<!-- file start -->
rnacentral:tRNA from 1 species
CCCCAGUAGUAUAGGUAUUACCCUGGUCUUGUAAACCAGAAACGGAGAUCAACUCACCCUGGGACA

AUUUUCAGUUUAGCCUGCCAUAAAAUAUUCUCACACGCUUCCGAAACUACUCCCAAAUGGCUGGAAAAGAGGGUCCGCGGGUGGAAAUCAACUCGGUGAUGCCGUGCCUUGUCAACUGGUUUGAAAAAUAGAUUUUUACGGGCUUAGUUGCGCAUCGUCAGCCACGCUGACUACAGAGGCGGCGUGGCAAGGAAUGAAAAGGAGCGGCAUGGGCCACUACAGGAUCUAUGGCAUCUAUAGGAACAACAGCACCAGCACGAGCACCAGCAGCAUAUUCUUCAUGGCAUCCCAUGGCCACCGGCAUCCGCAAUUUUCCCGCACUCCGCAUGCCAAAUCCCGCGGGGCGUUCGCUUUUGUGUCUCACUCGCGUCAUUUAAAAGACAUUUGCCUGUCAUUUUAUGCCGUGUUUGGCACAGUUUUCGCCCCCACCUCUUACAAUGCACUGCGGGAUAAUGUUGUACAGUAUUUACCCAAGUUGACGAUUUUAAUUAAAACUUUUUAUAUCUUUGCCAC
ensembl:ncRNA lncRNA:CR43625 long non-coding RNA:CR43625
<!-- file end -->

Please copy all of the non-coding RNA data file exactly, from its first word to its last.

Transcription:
rnacentral:tRNA from 1 species
CCCCAGUAGUAUAGGUAUUACCCUGGUCUUGUAAACCAGAAACGGAGAUCAACUCACCCUGGGACA

AUUUUCAGUUUAGCCUGCCAUAAAAUAUUCUCACACGCUUCCGAAACUACUCCCAAAUGGCUGGAAAAGAGGGUCCGCGGGUGGAAAUCAACUCGGUGAUGCCGUGCCUUGUCAACUGGUUUGAAAAAUAGAUUUUUACGGGCUUAGUUGCGCAUCGUCAGCCACGCUGACUACAGAGGCGGCGUGGCAAGGAAUGAAAAGGAGCGGCAUGGGCCACUACAGGAUCUAUGGCAUCUAUAGGAACAACAGCACCAGCACGAGCACCAGCAGCAUAUUCUUCAUGGCAUCCCAUGGCCACCGGCAUCCGCAAUUUUCCCGCACUCCGCAUGCCAAAUCCCGCGGGGCGUUCGCUUUUGUGUCUCACUCGCGUCAUUUAAAAGACAUUUGCCUGUCAUUUUAUGCCGUGUUUGGCACAGUUUUCGCCCCCACCUCUUACAAUGCACUGCGGGAUAAUGUUGUACAGUAUUUACCCAAGUUGACGAUUUUAAUUAAAACUUUUUAUAUCUUUGCCAC
ensembl:ncRNA lncRNA:CR43625 long non-coding RNA:CR43625